After leaving Sarah's side, I sought support from friends in the familiar Special Care Nursery where I worked as a staff nurse. Just as Eric and I arrived on the unit, a colleague gave us the upsetting news that there were problems in the operating room. Sarah's throat was so swollen that they could not get her intubated. Their last hope before doing a tracheotomy was to try an extra small tube, the size that we used in the nursery for the tiniest of premature infants. Overcome with worry, Eric and I headed for the chapel to pray. That is where we were an hour or so later as the surgical team wheeled our little girl past us, on the way to the Intensive Care Unit. My eyes were so full of tears that it took a few moments for me to recognize that she did not have a tracheotomy. The tiny endotracheal tube had been successfully placed, and she was put on a ventilator for respiratory support.
Eric and I sat by Sarah's bedside still fearful for her life. Blood cultures confirmed that Haemophilus influenzae type B was the cause of her illness. The pediatrician's admonishment rang in my ears. "This wouldn't have happened if she had gotten the Hib vaccine." I was overcome with guilt as I watched the ventilator pump oxygen into Sarah's tiny lungs. In addition to large doses of antibiotics, the nurses injected her IV with a drug that would temporarily paralyze her, preventing her from becoming restless and dislodging the airway she so desperately needed. I was familiar with the drug, so I knew Sarah could still feel every poke and procedure, but was unable to respond. Knowing that I could have prevented her from going through such torture was almost unbearable.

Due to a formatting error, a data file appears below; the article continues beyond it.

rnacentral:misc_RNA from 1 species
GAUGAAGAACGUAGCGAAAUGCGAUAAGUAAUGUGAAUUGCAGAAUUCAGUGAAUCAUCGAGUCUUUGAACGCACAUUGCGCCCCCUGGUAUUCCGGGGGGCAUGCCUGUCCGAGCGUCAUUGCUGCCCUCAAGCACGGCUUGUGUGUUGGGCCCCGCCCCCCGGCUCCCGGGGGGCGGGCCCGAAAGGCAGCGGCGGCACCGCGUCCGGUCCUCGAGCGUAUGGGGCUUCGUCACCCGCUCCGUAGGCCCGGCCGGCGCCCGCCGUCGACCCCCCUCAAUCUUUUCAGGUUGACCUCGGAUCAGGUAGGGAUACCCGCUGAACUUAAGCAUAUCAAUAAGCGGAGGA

Thirty-six hours later, the swelling had subsided enough so that the tube could be removed, and Sarah was placed in a humidified oxygen tent. Like most kids, she showed incredible resilience and was discharged on the fifth day. Sarah is 10 years old now and has no memory of the terrible ordeal that her parents will never forget.
I recently began working in a pediatric clinic, and have encountered parents who refuse to immunize their children due to fear of a severe reaction. Perhaps if these same parents are made aware of children like Sarah, who nearly lost her life to a vaccine-preventable illness, they will reconsider their decision not to immunize.
Reprinted from "Michigan Immunization Update," winter 1998, Michigan Department of Community Health.
Published 8/21/98
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This page was reviewed on January 26, 2013
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The Immunization Action Coalition (IAC), a non-profit organization, works to increase immunization rates and prevent disease by creating and distributing educational materials for health professionals and the public that enhance the delivery of safe and effective immunization services. IAC also facilitates communication about the safety, efficacy, and use of vaccines within the broad immunization community of patients, parents, healthcare organizations, and government health agencies.